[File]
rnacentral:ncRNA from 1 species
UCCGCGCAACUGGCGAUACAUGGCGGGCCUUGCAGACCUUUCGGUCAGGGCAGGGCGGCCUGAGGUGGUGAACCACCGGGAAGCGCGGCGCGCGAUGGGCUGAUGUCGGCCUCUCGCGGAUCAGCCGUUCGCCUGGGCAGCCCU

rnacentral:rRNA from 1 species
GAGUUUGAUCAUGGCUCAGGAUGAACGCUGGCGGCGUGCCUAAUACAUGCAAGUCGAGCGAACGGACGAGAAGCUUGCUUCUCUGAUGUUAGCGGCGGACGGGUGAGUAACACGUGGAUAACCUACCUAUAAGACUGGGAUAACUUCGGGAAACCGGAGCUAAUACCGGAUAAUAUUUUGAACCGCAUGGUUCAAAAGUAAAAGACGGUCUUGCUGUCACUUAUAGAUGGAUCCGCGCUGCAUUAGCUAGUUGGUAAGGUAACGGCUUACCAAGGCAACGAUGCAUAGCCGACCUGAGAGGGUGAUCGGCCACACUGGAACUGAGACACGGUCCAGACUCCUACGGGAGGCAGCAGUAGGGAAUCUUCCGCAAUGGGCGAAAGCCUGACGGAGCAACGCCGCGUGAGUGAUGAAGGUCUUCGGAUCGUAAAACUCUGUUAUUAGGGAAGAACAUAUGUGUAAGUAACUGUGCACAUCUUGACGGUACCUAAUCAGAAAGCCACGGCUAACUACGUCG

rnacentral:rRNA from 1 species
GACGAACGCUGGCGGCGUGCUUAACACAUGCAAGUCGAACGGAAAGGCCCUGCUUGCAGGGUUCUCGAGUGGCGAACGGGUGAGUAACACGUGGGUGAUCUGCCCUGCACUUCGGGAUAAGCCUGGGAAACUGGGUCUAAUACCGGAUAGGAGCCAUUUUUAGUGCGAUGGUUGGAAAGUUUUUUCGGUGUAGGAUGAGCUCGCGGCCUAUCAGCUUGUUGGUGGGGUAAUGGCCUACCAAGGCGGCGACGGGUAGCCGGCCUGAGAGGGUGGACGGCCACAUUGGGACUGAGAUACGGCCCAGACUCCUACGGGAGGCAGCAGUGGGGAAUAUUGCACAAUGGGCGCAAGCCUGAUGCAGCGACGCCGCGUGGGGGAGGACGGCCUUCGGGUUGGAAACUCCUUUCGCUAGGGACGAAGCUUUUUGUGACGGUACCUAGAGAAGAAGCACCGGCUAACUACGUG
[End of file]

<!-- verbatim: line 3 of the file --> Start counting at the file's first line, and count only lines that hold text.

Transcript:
rnacentral:rRNA from 1 species